By: Yoong Siew Wah
It has now become a comic opera with the introduction of the Remote Gambling Act (RGA) to curb online gambling and the PAP flummoxing act of granting exemption to the Singapore Pools and the Singapore Turf Club from the RGA to operate online gambling legally.
As the National Council of Churches Singapore (NCCS) has voiced its concern that the move is sending “confusing and conflicting signals” given that the RGA, which kicked in last year in February, banned all other forms of online betting, it’s quite significant that the Minister for Social & Family Development Tan Chuan-Jin went to great length trying to vindicate the PAP Government untenable action which the public could find hard to accept while avoiding answering directly to the NCCS concern.
This is because the PAP Government is not comfortable in denying that it is sending “confusing and conflicting signals”.
That the problem of online gambling is actively engaging the mind of the public for the social ill-effects that it will bring in its wake can in a way be reflected by the intense debate in Parliament by mainly PAP lawmakers. One pertinent question asked is whether allowing the two operators to launch online gambling services is not tantamount to encouraging more people to go online to gamble by making it legitimate.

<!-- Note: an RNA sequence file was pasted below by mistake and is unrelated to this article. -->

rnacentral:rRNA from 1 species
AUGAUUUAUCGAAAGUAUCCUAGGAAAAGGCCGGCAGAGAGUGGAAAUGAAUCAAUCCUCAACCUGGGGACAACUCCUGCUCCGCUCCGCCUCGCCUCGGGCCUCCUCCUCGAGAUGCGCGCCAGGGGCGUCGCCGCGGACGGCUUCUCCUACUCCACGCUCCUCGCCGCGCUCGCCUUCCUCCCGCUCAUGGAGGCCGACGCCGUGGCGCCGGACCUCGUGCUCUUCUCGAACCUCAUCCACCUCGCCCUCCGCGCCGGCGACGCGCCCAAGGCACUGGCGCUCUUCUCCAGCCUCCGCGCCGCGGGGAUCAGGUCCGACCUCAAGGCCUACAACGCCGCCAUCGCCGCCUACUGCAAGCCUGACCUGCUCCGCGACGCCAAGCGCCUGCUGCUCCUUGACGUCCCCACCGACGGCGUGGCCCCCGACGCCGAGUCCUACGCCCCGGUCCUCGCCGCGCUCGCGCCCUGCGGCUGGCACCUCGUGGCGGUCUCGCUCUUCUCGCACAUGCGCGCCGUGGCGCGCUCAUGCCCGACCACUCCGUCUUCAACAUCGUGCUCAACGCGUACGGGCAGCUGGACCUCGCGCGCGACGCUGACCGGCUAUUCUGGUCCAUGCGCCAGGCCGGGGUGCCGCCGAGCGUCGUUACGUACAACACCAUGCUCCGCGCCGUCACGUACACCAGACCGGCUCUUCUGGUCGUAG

Again Minister Tan Chuan-Jin could only give a non-committal answer. Hong Kong and the United Kingdom were quoted to show their relentless efforts in curbing online gambling.
The fact remains that Singapore is neither Hongkong nor the United Kingdom and our illegal online punters are quite a determined and elusive category on whom neither the RGA nor the legalised operators could make a dent.
The two legalised operators have not begun their operation and it is still early to assess their effectiveness in curbing illegal online gambling. With the restrictions that they are required to impose on prospective online punters, would it not be reasonable to expect those who are disqualified by the restrictions to resort to illegal online betting?
There is no way the PAP Government can completely curb illegal online gambling and this will be a perennial headache for the PAP until some PAP smart Alec can come out with a panacea to the problem.
Mr. Yoong Siew Wah was the Director of Singapore’s Internal Security Department (ISD) from 1971 to 1974. He was Director of the Corrupt Practices Investigation Bureau (CPIB) in the 1960s, and had a distinguished career in the Singapore Special Branch in the 1950s.
The erudite Mr. Yoong, who is in his late eighties, keeps a blog called Singapore Recalcitrant.